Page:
Dr Mihir Wechalekar

Recipient: Dr Mihir Wechalekar
Intended department: Bruce Miller Fellowship & ARA funded- Department of Rheumatology- Flinders University
Project:

 

Improving Outcomes in Rheumatoid Arthritis

 

Rheumatoid Arthritis (RA) is an inflammatory, destructive and debilitating autoimmune disease, where by the immune system infiltrates and attacks self-tissues. In RA patients these tissues are the synovial membrane, a specialised connective tissue encasing the fluid lubricant in joints. Although significant progress has been made in treating RA, current therapies are ineffective in over 50% of patients and long term disease remission is rare. In these patients with ongoing active disease, societal impact in terms of disability, quality of life and impact on work-capacity are profound. Strong evidence suggests that the immune cell types that invade the synovial membrane heavily influence disease prognosis as well as treatment success. However, the mechanisms regulating such responses remain poorly understood. In part because of this, current treatment approaches are mostly empirical, with very variable responses.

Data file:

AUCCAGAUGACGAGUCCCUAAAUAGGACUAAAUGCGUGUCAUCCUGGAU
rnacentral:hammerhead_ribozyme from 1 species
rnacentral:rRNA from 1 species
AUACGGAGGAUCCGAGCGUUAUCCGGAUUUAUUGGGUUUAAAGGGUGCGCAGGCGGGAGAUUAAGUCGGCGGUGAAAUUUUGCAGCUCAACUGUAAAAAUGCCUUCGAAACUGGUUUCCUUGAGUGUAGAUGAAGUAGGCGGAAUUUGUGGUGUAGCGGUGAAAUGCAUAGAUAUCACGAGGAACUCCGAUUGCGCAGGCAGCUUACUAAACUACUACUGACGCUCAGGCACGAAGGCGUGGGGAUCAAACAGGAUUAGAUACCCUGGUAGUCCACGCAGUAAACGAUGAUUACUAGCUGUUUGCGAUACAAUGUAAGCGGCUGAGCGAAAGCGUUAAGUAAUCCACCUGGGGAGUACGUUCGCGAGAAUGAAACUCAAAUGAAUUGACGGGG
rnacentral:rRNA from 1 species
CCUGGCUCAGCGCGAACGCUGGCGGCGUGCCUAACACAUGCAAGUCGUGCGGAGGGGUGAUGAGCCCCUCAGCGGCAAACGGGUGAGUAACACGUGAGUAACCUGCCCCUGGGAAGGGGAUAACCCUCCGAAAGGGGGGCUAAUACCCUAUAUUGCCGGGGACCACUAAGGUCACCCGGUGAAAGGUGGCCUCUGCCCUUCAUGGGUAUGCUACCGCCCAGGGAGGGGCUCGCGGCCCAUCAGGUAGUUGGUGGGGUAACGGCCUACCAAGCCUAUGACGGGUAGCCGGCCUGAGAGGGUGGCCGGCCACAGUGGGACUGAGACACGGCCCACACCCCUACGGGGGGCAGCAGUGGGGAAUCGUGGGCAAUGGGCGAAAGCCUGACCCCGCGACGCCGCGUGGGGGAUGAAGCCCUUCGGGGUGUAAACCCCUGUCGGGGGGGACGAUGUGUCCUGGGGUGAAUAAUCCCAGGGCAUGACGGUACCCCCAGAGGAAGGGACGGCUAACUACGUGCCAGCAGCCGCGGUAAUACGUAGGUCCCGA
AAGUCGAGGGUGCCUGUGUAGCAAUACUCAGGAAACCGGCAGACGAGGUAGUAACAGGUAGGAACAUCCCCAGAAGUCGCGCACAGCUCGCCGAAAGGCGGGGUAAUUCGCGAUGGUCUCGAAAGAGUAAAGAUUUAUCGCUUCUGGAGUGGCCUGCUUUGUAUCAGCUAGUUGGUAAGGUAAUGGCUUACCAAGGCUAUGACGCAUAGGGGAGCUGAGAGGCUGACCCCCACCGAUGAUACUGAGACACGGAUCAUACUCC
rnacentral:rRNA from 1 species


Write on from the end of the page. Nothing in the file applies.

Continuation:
Background and research significance: The research in its wider context Current therapeutic intervention in RA costs the Australian health system approximately 500M/year, and better allocation of treatments presents a significant opportunity to improve patient outcomes while reducing the economic burden to the Australian taxpayer. Importantly the research proposed in this application, and now well under way, will result in greater prediction of treatment responses, eliminating ineffective therapy and potentially reduce the time taken to achieve disease remission. This is particularly important as it is now known that effective early treatment of RA is critical to preventing irreversible bone loss and life-long disability. Moreover, approximately 50% of patients with RA are no longer in full-time work 4 years after diagnosis of disease; indeed, good treatment response translates to less deformity and disability and our previous work1 has shown that those who respond well to treatment stay in the work force longer. The research proposed in the original study is set out with the aim to characterise cellular subsets and tissue phenotypes in early RA synovial tissue (ST) before and after treatments, in order to investigate different disease outcomes in response to traditional or biologic therapies. We gratefully acknowledge the Bruce Miller-ARA Post-Doctoral Fellowship for 2018, which enabled us to significantly advance our research by employing a research associate and establishment of novel techniques of analysis of synovial tissue (e.g. the Vectra microscopy) which would not have been possible without the support of this grant. The research methodologies we proposed to employ in this project can be separated in to 4 broad techniques: flow cytometry (perfect for assessing new cellular subsets), microscopy (ideal for assessing tissue phenotype), transcriptomic analysis (to assess the complete set of RNA transcripts that are produced by genes of inflammatory cells) and serum cytokine analysis (immune system messenger and inflammatory molecules), which together can be used for the identification of new biomarkers that predict effective responses in different patients. The 2018 Bruce Miller-ARA call for funding was submitted as a 2-year project, where our first step was to perform optimisation and analysis of flow cytometry to identify lymphocyte infiltrates in the ST and to perform routine Immunohistochemistry (IHC) for these early RA ST samples (see below). As the project progresses into the second year, upon which we will have recruited both pre- and post-treatment samples from the joints of RA patients (as well as matching blood samples from these patients) we plan to correlate clinical disease activity, with the presence or absence of the types of cells identified via flow cytometry and IHC, but also with the serum cytokine analysis (ELISA) and transcriptomic analysis (real-time PCR) biomarkers that might confer response or relapse to treatment. In 2018, we have made significant progress towards achieving the aims of this grant. These achievement progress milestones include: (1) establishment and implementation of multi-colour flow cytometry to investigate the cellular infiltrates in the tissue from early RA joints; during 2018, we expanded our panel to include novel T cell subsets; (2) we developed- for the first time in synovial tissue- a multi-colourmicroscopy method with automated computational assessment of tissue phenotype. This is a major milestone for severa reasons including (1) RA ST is a finite resource and extracting the most amount of data from each sample is important; (2) Preservation of structural information and identifying cells that express more than one marker is difficult with traditional IHC, but possible with multi-colour microscopy, and; (3) The automation of sample analysis will remove human analysis bias and reliability issues .In this application, we aimed to fully characterise the cellular composition of the synovial tissue (ST)infiltrates as well as clinical responses to routinely prescribed treatments in order to develop biomarkers that can predict the most effective treatment for each individual patient. Furthermore, in collaboration with a leading pharmaceutical partner we aim to identify new targets for potential therapies for the personalised treatment of RA. This is important as current therapies are ineffective in over 50% of patients and long-term disease remission is rare and it is known that effective early treatment can prevent lifelong bone loss and disability in RA. As detailed above, there are several research methodologies required to complete this 2-year project, and we have been successful in implementing and improving some of these methods in order to extract the most amount of data out of the limited samples. Furthermore, new patient recruitment is still ongoing. Our main discovery since starting this project in 2018, is that early RA ST samples contain a novel immunecell subset called T peripheral helper cells. This is the first time anyone has characterised these cells in early RA and their identification is of critical importance to the pathophysiology of the disease as they have been proposed to be involved in the mechanisms perpetuating inflammation (but until now had not been identified in early RA). Furthermore, we identify more of these type of cells in patients that have more severe disease. We need to collect more data to confirm this second observation, however, it indicates to us that our original hypothesis, that the type of cells in the ST can influence patient prognosis, is indeed true. Additionally, we have recently used transcriptomic profiling by RNAseq on a subset of the early RA patients to identify unique immune cell signatures that are associated with disease and response to treatment. In particular we have identified alterations in gene expression of gene involved in both T cell and plasma cell differentiation after standard therapy in RA. Importantly, as per the aims of this project, we are now in the process of extending this transcriptional profiling to the remaining patients treated with standard therapies, but also those patients in the study that have been treated with biologic therapies. Finally, by the end of 2018, we mostly established a multi-colour microscopy technique for the histopathological assessment of ST. We now have the ability to use computational analysis to count the number of different cell subsets in the ST, and to distinguish between samples with different phenotypes. This is a step change in the way that histopathological analysis is performed, and development of this technique will translate into high impact data for this project as well as all future projects in all   rheumatology laboratories. The research proposed in this project has the potential to provide stratified treatment options for patient with RA. The promise of personalised medicine for RA has resulted in a recent surge of interest in ST biology with the aim of translating a comprehensive understanding of the biological processes that governlymphocyte infiltration and maintenance in ST into better disease prognosis and treatment responses. The methods employed in this project, along with the unique cohort of patient samples from ST and blood, will allow for identification of cellular and molecular biomarkers that will help to provide personalised medicine for RA. Furthermore, the ST bio-bank at the Flinders Medical Centre is exclusive in Australia and the collection of treatment naive ST samples with matching post-treatment (either DMARD or biologic therapy) is a unique resource, unparalleled worldwide. This bio-bank provides the unique opportunity to identify ST and peripheral biomarkers that will allow for the application of personalised medicine in RA. The proposed project will facilitate a more comprehensive understanding of ST “pathotypes” to elucidate mechanisms of non-response. Critically, the data generated from this proposal will provide preliminary data for larger research grants enabling the joint development and testing of new-targeted therapies for RA. The long-term benefit of this work will be that this application will be greater prediction of treatment response, eliminating ineffective therapy to potentially reduce time to achieve disease remission and minimize exposure to treatments with potentially serious side effects.With the gratefully acknowledged support of the Bruce Miller-ARA Post-Doctoral Fellowship for 2019, we aim to continue this work. This additional funding, we believe, will be critical for the successful completion of this project. In 2019, we are confident we will make additional progress by facilitating a more comprehensive understanding of ST “pathotypes” to elucidate mechanisms of non-response; by building on the data generated from this proposal will provide preliminary data for larger research grants, accelerate research outputs, increase our international standing further and competitiveness for obtaining future funding. Given that it appears probable that ST biology has the potential to dictate treatment efficacy and that comprehensive analysis of ST infiltrates will yield new cellular targets for therapy, in 2019, we propose to continue this work by (1) Characterising novel and established lymphoid cell subsets in early RA ST tissue; (2) Investigating disease outcomes in a large cohort of early RA patients in the context of therapeutic intervention and cellular ST “pathotypes”; and (3) Identifying peripheral cellular and molecular biomarkers of treatment efficacy.